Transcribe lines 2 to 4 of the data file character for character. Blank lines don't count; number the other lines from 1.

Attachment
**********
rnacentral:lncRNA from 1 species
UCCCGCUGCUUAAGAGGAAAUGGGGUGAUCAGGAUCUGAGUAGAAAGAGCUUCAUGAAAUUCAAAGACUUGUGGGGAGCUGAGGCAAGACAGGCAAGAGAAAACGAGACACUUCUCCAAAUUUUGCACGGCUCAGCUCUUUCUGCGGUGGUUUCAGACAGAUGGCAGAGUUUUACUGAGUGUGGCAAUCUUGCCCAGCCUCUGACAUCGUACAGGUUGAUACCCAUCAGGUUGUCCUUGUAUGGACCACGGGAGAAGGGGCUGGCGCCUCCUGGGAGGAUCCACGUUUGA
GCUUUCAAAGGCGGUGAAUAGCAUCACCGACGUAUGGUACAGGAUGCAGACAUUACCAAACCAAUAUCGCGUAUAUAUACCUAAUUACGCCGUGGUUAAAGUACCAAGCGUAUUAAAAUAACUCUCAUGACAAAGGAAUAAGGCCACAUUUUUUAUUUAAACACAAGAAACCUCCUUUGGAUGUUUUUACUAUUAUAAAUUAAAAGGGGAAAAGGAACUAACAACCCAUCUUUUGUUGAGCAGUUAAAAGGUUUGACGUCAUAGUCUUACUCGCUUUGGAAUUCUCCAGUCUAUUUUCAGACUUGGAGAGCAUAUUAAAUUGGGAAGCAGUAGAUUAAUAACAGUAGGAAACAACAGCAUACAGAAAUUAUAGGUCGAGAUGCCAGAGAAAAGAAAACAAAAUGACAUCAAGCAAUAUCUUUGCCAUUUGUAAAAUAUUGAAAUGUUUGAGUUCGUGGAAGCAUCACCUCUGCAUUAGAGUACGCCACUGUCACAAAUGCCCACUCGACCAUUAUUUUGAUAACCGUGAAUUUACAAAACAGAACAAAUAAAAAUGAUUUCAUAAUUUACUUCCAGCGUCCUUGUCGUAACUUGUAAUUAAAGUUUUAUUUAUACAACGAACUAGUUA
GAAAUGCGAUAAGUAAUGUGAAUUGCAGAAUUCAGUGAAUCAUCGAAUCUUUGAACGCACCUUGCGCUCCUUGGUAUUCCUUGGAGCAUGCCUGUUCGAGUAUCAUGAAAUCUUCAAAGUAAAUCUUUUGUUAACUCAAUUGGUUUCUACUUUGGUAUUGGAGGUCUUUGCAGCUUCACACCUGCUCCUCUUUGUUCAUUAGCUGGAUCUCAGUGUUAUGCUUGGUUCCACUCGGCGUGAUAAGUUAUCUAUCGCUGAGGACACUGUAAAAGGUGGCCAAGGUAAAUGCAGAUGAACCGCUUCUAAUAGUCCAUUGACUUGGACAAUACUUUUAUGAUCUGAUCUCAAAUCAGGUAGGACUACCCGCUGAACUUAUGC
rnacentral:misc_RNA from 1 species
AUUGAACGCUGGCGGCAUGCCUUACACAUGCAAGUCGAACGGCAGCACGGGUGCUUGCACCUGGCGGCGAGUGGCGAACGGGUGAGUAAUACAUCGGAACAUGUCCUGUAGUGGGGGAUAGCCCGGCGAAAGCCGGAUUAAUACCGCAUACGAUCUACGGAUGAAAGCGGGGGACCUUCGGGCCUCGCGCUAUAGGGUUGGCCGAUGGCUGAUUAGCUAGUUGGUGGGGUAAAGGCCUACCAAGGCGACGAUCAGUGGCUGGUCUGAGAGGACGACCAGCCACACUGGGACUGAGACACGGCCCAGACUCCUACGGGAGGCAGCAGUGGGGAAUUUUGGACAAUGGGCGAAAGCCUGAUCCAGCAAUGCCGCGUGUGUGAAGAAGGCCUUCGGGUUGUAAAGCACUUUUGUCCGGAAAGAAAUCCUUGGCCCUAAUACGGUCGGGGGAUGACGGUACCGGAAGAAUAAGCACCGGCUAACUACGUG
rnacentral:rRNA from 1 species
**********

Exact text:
UCCCGCUGCUUAAGAGGAAAUGGGGUGAUCAGGAUCUGAGUAGAAAGAGCUUCAUGAAAUUCAAAGACUUGUGGGGAGCUGAGGCAAGACAGGCAAGAGAAAACGAGACACUUCUCCAAAUUUUGCACGGCUCAGCUCUUUCUGCGGUGGUUUCAGACAGAUGGCAGAGUUUUACUGAGUGUGGCAAUCUUGCCCAGCCUCUGACAUCGUACAGGUUGAUACCCAUCAGGUUGUCCUUGUAUGGACCACGGGAGAAGGGGCUGGCGCCUCCUGGGAGGAUCCACGUUUGA
GCUUUCAAAGGCGGUGAAUAGCAUCACCGACGUAUGGUACAGGAUGCAGACAUUACCAAACCAAUAUCGCGUAUAUAUACCUAAUUACGCCGUGGUUAAAGUACCAAGCGUAUUAAAAUAACUCUCAUGACAAAGGAAUAAGGCCACAUUUUUUAUUUAAACACAAGAAACCUCCUUUGGAUGUUUUUACUAUUAUAAAUUAAAAGGGGAAAAGGAACUAACAACCCAUCUUUUGUUGAGCAGUUAAAAGGUUUGACGUCAUAGUCUUACUCGCUUUGGAAUUCUCCAGUCUAUUUUCAGACUUGGAGAGCAUAUUAAAUUGGGAAGCAGUAGAUUAAUAACAGUAGGAAACAACAGCAUACAGAAAUUAUAGGUCGAGAUGCCAGAGAAAAGAAAACAAAAUGACAUCAAGCAAUAUCUUUGCCAUUUGUAAAAUAUUGAAAUGUUUGAGUUCGUGGAAGCAUCACCUCUGCAUUAGAGUACGCCACUGUCACAAAUGCCCACUCGACCAUUAUUUUGAUAACCGUGAAUUUACAAAACAGAACAAAUAAAAAUGAUUUCAUAAUUUACUUCCAGCGUCCUUGUCGUAACUUGUAAUUAAAGUUUUAUUUAUACAACGAACUAGUUA
GAAAUGCGAUAAGUAAUGUGAAUUGCAGAAUUCAGUGAAUCAUCGAAUCUUUGAACGCACCUUGCGCUCCUUGGUAUUCCUUGGAGCAUGCCUGUUCGAGUAUCAUGAAAUCUUCAAAGUAAAUCUUUUGUUAACUCAAUUGGUUUCUACUUUGGUAUUGGAGGUCUUUGCAGCUUCACACCUGCUCCUCUUUGUUCAUUAGCUGGAUCUCAGUGUUAUGCUUGGUUCCACUCGGCGUGAUAAGUUAUCUAUCGCUGAGGACACUGUAAAAGGUGGCCAAGGUAAAUGCAGAUGAACCGCUUCUAAUAGUCCAUUGACUUGGACAAUACUUUUAUGAUCUGAUCUCAAAUCAGGUAGGACUACCCGCUGAACUUAUGC